Even though LCSKid already posted a blog entry on Technet about this, I thought I would talk about it in general a little bit.
I told them we would get the *best* integration and all the really cool stuff if we do that, but we can use basic HTML tags to get the ball rolling and get a quick win. I, like a lot of people, use this stuff in my e-mail signature but in searching in general it’s not real well documented out there on the internet. Some basic knowledge of good old HTML 1.0 has served me well for the last 15 or so years 🙂
Dialing a number in Lync-
Best way is to use the E.164 Telephone URI:
tel: <phonenumber> , ie:
<a href=”tel:+18173520742″>Click to dial (817) 352-0742</a>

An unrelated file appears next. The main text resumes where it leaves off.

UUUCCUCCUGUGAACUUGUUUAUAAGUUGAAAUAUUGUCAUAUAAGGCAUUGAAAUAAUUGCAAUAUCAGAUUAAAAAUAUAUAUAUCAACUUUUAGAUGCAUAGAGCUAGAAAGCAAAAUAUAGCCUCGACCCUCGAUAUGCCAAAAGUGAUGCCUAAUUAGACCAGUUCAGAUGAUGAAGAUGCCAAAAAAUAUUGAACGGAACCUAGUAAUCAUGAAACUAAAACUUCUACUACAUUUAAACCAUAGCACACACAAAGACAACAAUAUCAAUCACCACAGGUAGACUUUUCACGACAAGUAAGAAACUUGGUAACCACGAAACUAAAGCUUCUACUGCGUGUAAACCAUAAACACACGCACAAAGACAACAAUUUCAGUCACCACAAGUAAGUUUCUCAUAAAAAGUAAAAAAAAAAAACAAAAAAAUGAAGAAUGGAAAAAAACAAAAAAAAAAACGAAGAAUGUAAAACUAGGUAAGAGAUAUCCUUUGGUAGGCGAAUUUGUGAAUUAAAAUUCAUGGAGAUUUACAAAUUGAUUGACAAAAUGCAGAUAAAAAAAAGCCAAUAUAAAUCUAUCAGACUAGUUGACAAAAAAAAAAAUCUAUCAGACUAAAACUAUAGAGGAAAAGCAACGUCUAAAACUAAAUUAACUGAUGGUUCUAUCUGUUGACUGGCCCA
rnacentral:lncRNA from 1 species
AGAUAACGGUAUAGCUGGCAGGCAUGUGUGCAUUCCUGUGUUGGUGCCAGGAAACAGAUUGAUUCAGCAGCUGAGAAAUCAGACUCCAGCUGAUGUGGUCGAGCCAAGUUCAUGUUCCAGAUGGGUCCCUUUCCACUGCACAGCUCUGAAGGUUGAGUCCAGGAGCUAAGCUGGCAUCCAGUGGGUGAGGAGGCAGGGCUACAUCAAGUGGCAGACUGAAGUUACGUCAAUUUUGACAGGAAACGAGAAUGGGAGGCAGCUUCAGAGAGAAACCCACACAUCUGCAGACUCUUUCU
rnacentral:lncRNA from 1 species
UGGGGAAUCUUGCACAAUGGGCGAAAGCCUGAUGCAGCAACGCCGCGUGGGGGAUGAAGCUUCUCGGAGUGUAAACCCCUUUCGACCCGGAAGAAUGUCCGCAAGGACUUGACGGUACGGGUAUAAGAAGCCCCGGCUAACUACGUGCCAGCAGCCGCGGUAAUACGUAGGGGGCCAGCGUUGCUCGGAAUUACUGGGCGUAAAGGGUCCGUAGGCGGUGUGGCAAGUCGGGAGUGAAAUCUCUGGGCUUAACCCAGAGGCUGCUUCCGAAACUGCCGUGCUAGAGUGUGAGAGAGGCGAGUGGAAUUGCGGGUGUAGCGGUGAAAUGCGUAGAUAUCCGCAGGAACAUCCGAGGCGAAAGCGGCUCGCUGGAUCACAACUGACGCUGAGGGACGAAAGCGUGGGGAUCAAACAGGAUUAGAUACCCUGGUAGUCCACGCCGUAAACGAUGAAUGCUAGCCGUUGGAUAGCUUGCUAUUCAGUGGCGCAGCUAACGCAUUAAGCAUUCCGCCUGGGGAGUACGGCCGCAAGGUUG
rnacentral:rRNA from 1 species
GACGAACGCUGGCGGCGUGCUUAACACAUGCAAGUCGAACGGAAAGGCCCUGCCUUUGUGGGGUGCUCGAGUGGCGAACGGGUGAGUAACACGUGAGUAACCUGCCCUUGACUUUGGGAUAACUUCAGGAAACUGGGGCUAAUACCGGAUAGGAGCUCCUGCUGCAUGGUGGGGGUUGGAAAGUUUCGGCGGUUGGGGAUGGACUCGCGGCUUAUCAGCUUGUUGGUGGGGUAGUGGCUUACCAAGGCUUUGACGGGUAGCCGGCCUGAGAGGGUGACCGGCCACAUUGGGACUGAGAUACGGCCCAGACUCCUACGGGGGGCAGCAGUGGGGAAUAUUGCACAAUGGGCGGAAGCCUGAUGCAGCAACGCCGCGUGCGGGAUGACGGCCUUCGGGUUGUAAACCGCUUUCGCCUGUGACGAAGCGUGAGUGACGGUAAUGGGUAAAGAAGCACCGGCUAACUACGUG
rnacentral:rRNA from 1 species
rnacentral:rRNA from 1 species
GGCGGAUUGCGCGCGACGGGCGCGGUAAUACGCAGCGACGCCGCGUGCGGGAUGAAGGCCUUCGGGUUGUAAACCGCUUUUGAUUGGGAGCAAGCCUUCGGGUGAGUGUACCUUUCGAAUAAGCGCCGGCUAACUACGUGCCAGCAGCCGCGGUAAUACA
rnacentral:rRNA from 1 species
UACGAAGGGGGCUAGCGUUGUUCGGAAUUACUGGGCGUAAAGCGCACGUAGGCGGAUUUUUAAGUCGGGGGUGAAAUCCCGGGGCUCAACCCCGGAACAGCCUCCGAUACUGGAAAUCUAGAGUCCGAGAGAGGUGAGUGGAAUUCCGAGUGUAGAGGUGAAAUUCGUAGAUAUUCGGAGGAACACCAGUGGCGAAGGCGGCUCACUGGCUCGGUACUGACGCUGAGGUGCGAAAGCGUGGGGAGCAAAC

One thing to note Lync auto-magically recognizes numbers and makes them then through an add-in in internet explorer. This functionality can be turned off, and it doesn’t exist in OCS (or *gasp* you don’t use IE) so it’s still helpful to know.
Starting an IM session –
It’s just your sip:< SIPURI>, ie:
<a href=sip:firstname.lastname@example.org>Click to IM Jack</a>
Multiple party IM Session –
They stumped on this one, so I reached out on twitter and got an answer from @paulnearney:
“im:<sip:email@example.com><sip:firstname.lastname@example.org>” , ie:
<a href=”im:<sip:email@example.com><sip:firstname.lastname@example.org>”>Click Here to IM Jack and Jill </a>
So it is easy to add basic HTML tags to your Web application, e-mail signature, or whatever else and do some basic integration to Lync and OCS.
I’ve posted a follow up that explains what else is available for HTML in regards to questions to PC to PC and video here: http://thelync.net/2011/11/23/lync-2010-html-url-protocols-for-href-tags/